§ Lord Jacobs
asked Her Majesty's Government:
Following the inquiry into the crash of a Chinook helicopter on the Mull of Kintyre in June 1984, whether the way point change was made approximately 20 seconds before the accident; whether there is any evidence (a) that the helicopter changed direction; (b) that the crew decided not to change direction, but instead to overfly the Mull of Kintyre and (c) of when any decision not to change direction was made; whether the original flight plan showed an intention to fly over the Mull of Kintyre; and whether there were any advantages in terms of safety or of time saving in overflying the Mull of Kintyre rather than following the original flight plan. [HL3052]
§ Baroness Symons of Vernham Dean
The flight plan indicated a route to the Mull of Kintyre lighthouse and then a course change to port on a track following the western shoreline of the Mull. The first way point or landmark the pilots entered on the on-board navigational computer was the Mull of Kintyre lighthouse. At 0.95 nautical miles, or about 20 seconds before impact, the crew released the computer from its fix on the Mull and set it to indicate the bearing and distance to the next way point at Corran, 87 miles to the north.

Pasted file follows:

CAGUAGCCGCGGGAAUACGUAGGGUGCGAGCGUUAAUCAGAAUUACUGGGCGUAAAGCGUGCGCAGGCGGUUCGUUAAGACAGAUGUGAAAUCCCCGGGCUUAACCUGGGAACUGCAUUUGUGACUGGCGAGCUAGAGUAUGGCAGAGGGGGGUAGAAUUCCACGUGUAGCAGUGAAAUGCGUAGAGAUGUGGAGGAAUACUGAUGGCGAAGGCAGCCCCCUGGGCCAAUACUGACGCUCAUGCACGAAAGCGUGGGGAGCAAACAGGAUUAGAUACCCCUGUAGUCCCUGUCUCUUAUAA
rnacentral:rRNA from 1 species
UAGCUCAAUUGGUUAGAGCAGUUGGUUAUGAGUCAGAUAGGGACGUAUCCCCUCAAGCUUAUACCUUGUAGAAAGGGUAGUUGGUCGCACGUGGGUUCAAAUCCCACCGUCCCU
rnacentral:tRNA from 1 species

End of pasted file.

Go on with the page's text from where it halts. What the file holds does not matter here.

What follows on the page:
There is no evidence of any significant change of course and none of the decision, if any, that the crew made. When the crew released the computer from its fix on the Mull, the pilots knew how close to the Mull they were and, given the deteriorating weather and the strict visibility requirements under visual flight rules they should by that time already have chosen an alternative course. As they had not done so, they could—and, under the rules, should—have either 36WA turned away from the Mull immediately or slowed down and climbed to a safe altitude.